Monday, February 15, 2010

The Environmental Movement and the Civil Rights Movement

By Kevin L Barry

From the Black civil rights movement in America, we can learn something very important about the prospects of the environmental movement.

While the movements are obviously fighting for very different subjects, the parallels are easy to see. The green movement has powerful champions, such as Al Gore, Agnes Denes and Amy Balkin. Some of the most extraordinary people who have ever existed fought for civil rights, like Martin Luther King Jr. and Malcolm X.

Neither movement has simply sprung out of the ground, but instead were a culmination of centuries of work, of abolitionists such as W.E.B. Dubois or conservationists such as Henry David Thoreau.

So what can we take away from the fact that the movements are similar? One is that we need fighters (you can call them artists, if you like) with bold ideas. African Americans waited long enough for Whites to hand them their rights before bold people stepped up the plate with bold ideas. Boycotts, sit-ins, marches, and other creatively organized resistance delivered justice to Blacks in America in the end.

Their efforts succeeded in convincing government to see their point of view. Black leaders did not end racism, though. Martin Luther King Jr. was assassinated before he saw his vision of the world. The American Government did not end racism. It was not until our modern era, the 21st century, that race issues have finally started to fade. Why now?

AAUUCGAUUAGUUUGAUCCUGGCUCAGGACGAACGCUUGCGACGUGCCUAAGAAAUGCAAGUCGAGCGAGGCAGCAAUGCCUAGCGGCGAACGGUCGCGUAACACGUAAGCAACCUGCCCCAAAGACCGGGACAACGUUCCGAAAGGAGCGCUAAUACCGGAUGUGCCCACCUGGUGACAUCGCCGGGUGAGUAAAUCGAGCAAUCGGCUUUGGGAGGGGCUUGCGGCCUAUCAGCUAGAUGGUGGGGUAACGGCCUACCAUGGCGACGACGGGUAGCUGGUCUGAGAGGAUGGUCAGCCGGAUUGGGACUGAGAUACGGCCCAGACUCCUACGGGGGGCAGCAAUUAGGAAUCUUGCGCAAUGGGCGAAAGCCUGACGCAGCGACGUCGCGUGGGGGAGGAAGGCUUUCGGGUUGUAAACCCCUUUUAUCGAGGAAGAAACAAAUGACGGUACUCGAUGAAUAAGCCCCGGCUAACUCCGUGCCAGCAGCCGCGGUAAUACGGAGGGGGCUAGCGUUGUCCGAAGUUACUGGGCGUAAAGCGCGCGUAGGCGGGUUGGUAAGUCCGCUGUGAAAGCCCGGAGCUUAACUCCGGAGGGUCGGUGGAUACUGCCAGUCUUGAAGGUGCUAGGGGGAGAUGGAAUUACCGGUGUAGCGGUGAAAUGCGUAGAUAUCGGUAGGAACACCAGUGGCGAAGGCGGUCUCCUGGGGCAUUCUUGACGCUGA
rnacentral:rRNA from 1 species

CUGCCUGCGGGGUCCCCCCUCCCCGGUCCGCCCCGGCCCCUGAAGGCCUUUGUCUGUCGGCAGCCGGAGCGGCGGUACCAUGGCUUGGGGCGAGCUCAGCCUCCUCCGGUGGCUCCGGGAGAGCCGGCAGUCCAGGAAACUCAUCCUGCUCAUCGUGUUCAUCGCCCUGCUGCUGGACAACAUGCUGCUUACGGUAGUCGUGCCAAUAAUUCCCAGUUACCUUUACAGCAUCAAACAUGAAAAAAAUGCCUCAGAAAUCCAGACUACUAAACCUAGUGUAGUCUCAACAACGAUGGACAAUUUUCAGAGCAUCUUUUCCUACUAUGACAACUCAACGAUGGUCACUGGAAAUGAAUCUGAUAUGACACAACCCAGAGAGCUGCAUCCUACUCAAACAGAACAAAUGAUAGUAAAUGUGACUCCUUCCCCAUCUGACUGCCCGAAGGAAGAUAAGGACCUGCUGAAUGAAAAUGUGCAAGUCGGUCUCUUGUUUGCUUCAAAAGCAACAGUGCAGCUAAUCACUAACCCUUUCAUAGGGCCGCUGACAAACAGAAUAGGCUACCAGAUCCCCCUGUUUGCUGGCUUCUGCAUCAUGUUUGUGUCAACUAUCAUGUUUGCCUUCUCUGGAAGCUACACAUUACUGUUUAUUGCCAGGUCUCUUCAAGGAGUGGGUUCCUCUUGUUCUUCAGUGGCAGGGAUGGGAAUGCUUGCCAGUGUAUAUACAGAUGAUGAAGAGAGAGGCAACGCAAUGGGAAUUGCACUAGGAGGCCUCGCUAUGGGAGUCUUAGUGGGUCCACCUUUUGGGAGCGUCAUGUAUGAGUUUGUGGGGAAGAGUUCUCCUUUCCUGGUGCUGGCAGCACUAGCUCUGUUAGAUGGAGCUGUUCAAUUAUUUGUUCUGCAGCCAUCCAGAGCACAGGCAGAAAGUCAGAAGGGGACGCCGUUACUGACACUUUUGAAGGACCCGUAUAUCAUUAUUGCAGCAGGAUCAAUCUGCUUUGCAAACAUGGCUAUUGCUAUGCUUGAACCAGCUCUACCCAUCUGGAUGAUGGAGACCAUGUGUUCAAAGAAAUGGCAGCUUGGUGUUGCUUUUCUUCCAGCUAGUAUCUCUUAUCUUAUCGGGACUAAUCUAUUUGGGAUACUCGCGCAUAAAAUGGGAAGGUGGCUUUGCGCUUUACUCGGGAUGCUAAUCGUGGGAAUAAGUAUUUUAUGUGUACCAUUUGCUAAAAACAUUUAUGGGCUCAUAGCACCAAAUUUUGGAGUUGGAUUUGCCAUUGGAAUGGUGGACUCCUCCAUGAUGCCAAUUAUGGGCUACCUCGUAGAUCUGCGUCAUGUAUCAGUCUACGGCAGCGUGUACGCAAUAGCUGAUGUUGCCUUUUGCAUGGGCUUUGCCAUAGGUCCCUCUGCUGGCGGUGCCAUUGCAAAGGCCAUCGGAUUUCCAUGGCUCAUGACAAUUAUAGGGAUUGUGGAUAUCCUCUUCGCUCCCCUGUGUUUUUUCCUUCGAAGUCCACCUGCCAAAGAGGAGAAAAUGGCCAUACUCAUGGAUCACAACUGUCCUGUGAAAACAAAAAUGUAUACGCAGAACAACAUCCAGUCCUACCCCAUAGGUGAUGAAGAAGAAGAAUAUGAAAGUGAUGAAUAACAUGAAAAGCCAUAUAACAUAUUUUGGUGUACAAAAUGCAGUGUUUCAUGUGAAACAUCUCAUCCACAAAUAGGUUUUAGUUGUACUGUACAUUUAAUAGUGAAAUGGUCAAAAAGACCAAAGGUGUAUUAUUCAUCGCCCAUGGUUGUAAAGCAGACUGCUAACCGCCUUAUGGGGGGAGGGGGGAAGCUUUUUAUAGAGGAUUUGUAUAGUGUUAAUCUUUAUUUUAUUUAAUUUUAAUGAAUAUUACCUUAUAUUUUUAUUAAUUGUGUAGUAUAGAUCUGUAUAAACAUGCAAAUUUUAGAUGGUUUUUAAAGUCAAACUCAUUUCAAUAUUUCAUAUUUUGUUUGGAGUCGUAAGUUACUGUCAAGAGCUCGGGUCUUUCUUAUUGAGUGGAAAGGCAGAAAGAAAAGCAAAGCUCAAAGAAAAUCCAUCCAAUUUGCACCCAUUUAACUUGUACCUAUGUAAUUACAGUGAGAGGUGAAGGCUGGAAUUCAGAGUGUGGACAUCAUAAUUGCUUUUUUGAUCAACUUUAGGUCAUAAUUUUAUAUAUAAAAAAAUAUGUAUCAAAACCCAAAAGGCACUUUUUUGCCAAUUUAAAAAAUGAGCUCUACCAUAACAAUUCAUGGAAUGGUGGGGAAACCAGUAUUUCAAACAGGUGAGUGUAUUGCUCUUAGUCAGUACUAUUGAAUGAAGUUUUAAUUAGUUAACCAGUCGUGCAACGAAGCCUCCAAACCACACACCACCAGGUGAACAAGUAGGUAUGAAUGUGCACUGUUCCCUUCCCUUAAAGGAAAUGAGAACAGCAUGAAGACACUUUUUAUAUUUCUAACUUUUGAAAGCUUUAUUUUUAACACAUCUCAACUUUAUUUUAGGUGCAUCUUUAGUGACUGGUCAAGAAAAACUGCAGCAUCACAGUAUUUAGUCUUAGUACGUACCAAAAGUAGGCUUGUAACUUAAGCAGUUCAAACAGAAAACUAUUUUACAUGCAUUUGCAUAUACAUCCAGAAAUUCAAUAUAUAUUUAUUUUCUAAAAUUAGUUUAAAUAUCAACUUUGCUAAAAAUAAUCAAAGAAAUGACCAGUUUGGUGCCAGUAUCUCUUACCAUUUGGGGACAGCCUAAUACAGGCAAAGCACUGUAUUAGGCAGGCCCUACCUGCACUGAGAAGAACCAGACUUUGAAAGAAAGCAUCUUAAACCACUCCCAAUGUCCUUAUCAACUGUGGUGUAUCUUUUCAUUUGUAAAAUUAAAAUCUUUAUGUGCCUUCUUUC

It started with an idea. A genius government official took a doll of a white girl and a doll of a black girl and asked little black girls, "Which is better?" When the girls chose the white dolls, the world was moved. Segregation in schools was ended. A new era of school reform slowly took place. Every year since, the idea of tolerance has been more engrained in the mind of every student in the United States. Our generation in New York has had this idea (correctly) brainwashed into us: we are all equal. The result is a society with less racism as more generations are born.

People become hard set in their ways with age. It is during youth that ideas and preferences for life are fixed. The green movement needs to understand this. Changing the minds of adults is very hard, although necessary. Teaching kids if the most effective plan for the future of the movement.

From elementary school, kids need to learn how plants grow. There should be community or school gardens where children can experience this act of Creation on their own. They should learn the taste of their own fresh fruits and vegetables.

They should be taught in easy lessons how, with these gifts, a responsibility is given to them to take care of the earth. We can teach them to be disgusted by the idea of pollution. Their world will be cleaner than we can imagine and they wouldn't even understand how anyone could live another way. Can you emphasize with a slave owner, or understand why people would discriminate against a soft-spoken, well dressed black man? The idea is absurd.

This is my art project. It is in our schools that change must come. While we adults must do our best to lead a good example, it will all be for nothing if we don't start, today, teaching children how to love the world, and how to love the smell of growing life on a spring morning.

If you liked this and live in Ozone Park, head over to and eat pizza.

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